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Brexit - FAQs

Dublin Airport Brexit FAQs

The UK will cease to be a member of the European Union at 11pm on Friday, January 31.

While the UK is leaving the EU on January 31, there is a transition period until the end of 2020, during which the UK will still follow all of the EU's rules and its various trading relationships will remain the same. Effectively, this means that the UK will continue to be treated as if it was still an EU member state until December 31. 


There is no real change at Irish immigration for UK passport holders. 

At present, UK passport holders are processed through the EU channel at Dublin Airport. The Irish Naturalisation and Immigration Service (INIS), which operates immigration, has confirmed that UK passport holders will continue to be processed through the EU channel during the transition period. 

To avoid confusion, the signage at immigration will change to show that this is now an EU/UK immigration channel. Dublin Airport will also have customer services staff on hand to help passengers and to deal with any queries that may arise. 

There is no change at Irish customs for passengers arriving from a UK airport.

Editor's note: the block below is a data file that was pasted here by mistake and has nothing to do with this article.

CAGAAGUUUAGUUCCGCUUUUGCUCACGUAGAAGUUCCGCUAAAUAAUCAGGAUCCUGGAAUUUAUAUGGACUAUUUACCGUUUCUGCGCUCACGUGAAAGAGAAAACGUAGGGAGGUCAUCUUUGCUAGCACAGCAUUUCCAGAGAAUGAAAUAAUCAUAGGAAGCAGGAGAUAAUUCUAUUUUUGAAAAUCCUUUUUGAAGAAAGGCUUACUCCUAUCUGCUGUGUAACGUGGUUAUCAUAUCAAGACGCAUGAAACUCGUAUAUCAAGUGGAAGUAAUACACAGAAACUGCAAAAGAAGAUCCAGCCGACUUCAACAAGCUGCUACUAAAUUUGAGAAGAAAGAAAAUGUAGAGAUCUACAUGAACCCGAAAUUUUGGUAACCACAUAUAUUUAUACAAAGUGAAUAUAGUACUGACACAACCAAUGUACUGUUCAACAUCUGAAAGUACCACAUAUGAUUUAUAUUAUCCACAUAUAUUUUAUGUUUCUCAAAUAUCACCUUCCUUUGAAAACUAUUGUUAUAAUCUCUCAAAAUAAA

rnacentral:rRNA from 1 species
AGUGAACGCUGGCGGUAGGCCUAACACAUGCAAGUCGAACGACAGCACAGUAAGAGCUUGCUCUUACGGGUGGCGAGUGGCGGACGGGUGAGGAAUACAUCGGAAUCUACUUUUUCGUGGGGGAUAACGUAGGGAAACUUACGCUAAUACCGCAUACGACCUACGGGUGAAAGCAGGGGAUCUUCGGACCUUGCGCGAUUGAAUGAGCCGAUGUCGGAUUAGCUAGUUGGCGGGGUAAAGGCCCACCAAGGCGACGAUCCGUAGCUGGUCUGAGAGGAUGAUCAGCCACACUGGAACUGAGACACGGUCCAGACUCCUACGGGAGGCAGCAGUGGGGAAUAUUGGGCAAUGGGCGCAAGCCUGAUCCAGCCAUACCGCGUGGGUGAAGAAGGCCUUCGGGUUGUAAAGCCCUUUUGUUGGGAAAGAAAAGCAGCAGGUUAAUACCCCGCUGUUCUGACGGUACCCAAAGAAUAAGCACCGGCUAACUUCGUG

During the transition phase, from January 31 until December 31, all passengers arriving from UK airports should continue to use the Blue Channel, or the Red Channel if they need to make a customs declaration. During the transition period, which lasts until December 31, 2020, the UK is effectively being treated as if it was still an EU state. This transition phase may be extended.

During the transition phase there will be no change to the current position relating to duty free shopping when travelling between Dublin and UK airports. Until December 31, 2020 the UK is effectively being treated as if it was still an EU state. 

No. UK citizens and those travelling to the UK should continue to comply with all existing security processes and requirements. 

The overall nature of the relationship between the EU and the UK will be discussed during the transition period. However, both the Irish and British governments have said the Common Travel Area (CTA) will continue to apply in all circumstances. Under the CTA, Irish and UK citizens can move freely and live in either jurisdiction and enjoy associated rights and entitlements. 

The Government of Ireland, the UK Government, and the EU - have all committed to maintaining the CTA and its associated rights and entitlements. 

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